Father Cleopa: The Elder of Romanian Orthodoxy
13 Μαΐου 2020
Prologue from The Truth of Our Faith: A Discourse from Holy Scripture on the Teachings of True Christianity,
by Elder Cleopa of Romania
The name and personality of Elder Cleopa Ilie of Romania is today known not only in his homeland but also throughout the world. Father Cleopa was born in 1912 in the town of Soulitsa and district of Botosani into a pious village family and named Constantine. His parents were called Alexander and Anna and he was the ninth of their ten children. The religious upbringing that he and all his siblings received from childhood as well as their great inclination toward the monastic life were so strong that five of the ten children, along with their mother in her later years, took up the monastic life and were clothed in the monastic Schema.
His spiritual formation was owed first of all to the Great-schema hieromonk Father Paisius Olarou of the Kozantsea-Bodosani skete who was for many years the Spiritual Father of his entire family. While spending his childhood years shepherding the family’s sheep around the forests of Sihastria, the young Constantine, together with his two oldest brothers Basil and George, was being spiritually raised by their spiritual father hieromonk Paisius.
In the spring of 1929 the three brothers departed their father’s house and entered the struggle of the monastic life in the monastery of Sihastria which at that time was under the spiritual direction of Archimandrite Ioannicius Moroi, considered one of the greatest and holiest of spiritual fathers in Moldavia at the time. After seven years of trials the young novice Constantine Ilie was tonsured a monk in 1936 with the name Cleopa and continued for a number of years his beloved service of shepherding sheep as the student of a virtuous monk, Fr. Galaction.
The more than ten years of beloved service close to the sheep and in the midst of the natural beauty of the mountains and forests of Moldavia was for Father Cleopa a veritable school of spiritual formation and advancement in humility, stillness and prayer. Surrounded by the majestic Carpathian Mountains, the breeze of silence gently blew across the hillside above the fertile valley of Sihastria, whispering to the aspiring hearts of the young brothers Basil and Constantine a reminder of the presence of the Creator. Day flowed into day as time passed imperceptibly. The brothers rarely left the fold and did not even perform the customary cycle of services. Rather, they sought the altar of God within themselves, continually raising their mind’s eye to God through the sacred Prayer of the Heart.
It was here at the sheepfold that the soul of the future guide of the Romanian people would be formed. Elder Cleopa would later remember his nostalgic beginnings:
“In the years that I was shepherd of the skete’s sheep together with my brothers, I had great spiritual joy. The sheepfold, the sheep – I live in quiet and solitude on the mountain, in the midst of nature; it was my monastic and theological school.”
“It was then that I read Dogmatics by St. John Damascene and his Precise Exposition of the Orthodox Faith. How precious this time was to me! When the weather would warm up, we would put the yearling lambs and the rams in Cherry Meadow which was covered with green grass and surrounded by bushes. They would not stray from there. ‘Stay put!’ I’d say to them, and then I would read Dogmatics.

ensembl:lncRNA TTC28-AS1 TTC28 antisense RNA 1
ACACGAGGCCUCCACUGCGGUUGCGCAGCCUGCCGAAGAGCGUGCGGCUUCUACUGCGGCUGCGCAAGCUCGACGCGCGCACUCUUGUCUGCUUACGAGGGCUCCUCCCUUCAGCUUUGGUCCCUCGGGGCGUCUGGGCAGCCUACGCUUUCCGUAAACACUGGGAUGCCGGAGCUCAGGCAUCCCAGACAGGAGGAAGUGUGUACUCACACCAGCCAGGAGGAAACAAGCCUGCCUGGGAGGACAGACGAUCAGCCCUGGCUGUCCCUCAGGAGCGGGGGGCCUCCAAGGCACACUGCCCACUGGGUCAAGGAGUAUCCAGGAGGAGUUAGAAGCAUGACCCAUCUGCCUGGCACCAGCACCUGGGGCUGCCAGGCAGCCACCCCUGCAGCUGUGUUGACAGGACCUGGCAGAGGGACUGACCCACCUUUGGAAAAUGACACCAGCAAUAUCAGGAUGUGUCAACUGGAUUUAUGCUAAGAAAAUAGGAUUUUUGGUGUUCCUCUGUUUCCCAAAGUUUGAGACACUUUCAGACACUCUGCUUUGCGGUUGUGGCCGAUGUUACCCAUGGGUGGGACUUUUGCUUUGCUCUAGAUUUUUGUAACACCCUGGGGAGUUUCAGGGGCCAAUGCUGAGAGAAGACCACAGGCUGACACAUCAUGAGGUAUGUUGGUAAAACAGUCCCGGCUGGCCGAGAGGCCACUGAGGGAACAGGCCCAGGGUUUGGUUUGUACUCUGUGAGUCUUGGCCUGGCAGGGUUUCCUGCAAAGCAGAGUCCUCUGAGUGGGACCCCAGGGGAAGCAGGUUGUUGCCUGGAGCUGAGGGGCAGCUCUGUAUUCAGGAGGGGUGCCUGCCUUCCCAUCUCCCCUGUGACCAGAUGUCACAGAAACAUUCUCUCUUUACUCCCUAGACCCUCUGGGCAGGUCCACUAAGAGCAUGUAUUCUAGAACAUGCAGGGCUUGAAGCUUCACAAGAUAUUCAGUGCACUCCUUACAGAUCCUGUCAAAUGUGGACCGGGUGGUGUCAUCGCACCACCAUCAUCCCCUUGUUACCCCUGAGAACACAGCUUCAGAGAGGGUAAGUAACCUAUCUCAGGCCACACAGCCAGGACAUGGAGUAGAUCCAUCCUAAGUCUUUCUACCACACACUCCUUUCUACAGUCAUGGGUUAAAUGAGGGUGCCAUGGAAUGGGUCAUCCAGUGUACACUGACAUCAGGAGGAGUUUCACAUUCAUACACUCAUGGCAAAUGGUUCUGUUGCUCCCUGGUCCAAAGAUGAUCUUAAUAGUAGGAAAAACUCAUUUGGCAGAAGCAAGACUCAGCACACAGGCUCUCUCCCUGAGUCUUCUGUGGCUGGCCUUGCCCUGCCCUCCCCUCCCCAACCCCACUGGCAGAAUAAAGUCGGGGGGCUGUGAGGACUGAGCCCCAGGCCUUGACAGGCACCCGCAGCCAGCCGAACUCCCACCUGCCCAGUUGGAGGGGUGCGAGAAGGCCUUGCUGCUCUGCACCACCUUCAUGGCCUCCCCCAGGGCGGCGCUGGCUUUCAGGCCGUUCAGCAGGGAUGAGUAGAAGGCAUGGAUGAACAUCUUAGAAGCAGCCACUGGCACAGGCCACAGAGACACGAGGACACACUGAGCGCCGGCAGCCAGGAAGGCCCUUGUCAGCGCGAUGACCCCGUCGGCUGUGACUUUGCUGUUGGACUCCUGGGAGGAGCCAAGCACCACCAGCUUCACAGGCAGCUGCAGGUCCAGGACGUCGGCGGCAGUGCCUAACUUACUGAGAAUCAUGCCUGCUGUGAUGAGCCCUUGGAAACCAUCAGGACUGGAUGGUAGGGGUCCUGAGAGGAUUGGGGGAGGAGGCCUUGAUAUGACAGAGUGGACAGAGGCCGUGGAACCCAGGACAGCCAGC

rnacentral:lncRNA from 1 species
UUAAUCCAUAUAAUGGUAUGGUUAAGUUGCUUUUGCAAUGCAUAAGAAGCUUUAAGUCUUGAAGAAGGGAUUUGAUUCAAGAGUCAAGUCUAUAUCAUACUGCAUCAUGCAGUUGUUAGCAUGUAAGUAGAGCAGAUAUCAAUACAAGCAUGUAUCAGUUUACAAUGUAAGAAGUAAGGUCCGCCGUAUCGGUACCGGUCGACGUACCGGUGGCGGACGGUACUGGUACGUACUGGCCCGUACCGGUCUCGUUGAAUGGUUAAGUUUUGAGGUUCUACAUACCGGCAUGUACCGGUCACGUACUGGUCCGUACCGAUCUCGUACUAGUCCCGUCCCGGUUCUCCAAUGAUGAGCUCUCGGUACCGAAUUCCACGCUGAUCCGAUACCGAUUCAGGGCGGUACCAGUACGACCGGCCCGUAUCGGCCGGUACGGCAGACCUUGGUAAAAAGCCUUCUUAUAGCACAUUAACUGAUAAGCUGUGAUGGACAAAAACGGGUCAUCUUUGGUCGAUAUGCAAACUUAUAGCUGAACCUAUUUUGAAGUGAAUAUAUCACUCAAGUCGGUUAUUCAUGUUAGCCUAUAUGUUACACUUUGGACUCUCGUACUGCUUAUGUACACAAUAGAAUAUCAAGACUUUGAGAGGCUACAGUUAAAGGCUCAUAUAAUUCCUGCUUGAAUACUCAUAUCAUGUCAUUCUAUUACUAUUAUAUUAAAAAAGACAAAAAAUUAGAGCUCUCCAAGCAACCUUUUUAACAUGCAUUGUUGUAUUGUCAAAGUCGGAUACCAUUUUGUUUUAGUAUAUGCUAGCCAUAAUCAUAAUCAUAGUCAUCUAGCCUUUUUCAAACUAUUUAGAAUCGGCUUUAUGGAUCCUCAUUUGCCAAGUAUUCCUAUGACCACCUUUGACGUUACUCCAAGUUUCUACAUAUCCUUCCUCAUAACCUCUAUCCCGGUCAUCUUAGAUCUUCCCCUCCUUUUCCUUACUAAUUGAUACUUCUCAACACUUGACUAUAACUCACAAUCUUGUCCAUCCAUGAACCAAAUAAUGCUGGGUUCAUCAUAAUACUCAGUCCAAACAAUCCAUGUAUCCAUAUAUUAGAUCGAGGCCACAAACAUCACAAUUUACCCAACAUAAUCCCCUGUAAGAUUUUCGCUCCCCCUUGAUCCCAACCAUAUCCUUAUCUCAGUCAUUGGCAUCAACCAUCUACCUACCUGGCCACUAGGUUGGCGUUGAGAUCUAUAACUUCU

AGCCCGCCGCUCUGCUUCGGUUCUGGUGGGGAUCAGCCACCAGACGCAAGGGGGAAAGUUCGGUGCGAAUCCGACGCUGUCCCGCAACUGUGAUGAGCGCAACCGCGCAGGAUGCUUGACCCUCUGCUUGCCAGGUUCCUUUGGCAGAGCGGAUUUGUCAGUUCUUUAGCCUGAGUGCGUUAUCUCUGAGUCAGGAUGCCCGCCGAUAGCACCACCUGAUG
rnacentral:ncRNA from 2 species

“When I would read something about the Most Holy Trinity, the distinctions between angels, man and God, about the qualities of the Most Archimandrite Ioannicius Moroi, or when I read about Paradise and hell – the dogmas about which St. John Damascene wrote – I would forget to eat that day.
“There was an old hut in which I’d take shelter, and there someone from the skete would bring me food. And when I would return to the hut in the evening, I would ask myself, ‘Have I eaten anything today?’ All day long I was occupied with reading… When I was with the sheep and cattle I read St. Macarius of Egypt, St. Macarius of Alexandria, and the Lives of the Saints in my knapsack when I first arrived at the monastery. I would read and the day would pass in what seemed like an hour…
“I would borrow these books from the libraries of Neamts and Secu Monasteries and carry them with me in my knapsack on the mountain. After I had finished my prayer rule, I would take out these books of the Holy Fathers and read them next to the sheep until evening. And it seemed as if I would see Saints Anthony, Macarius the Great, St. John Chrysostom and the others; how they would speak to me. I would see St. Anthony the Great with a big white beard and in luminous appearance he would speak to me so that all he would say to me would remain imprinted on my mind, like when one writes on wax with one’s finger. Everything that read then I will never forget…”
In this university of obedience and silence, Father Cleopa read about one hundred theological and other works, starting with the theological, moral, liturgical, and hagiographic and ending with the patristic works of the great saints of our Church, not to mention, of course, the Horologion and Psalter. The most beloved book of all, however, was Holy Scripture. In addition to Scripture, Father Cleopa loved the lives of the Saints, the sayings of the desert fathers, The Ladder of Divine Ascent by Saint John Climacus, the ascetical works of Saints Isaac and Ephraim of Syria, as well as the writings of Saints Maximus the Confessor, Gregory Palamas, Symeon the New Theologian and others.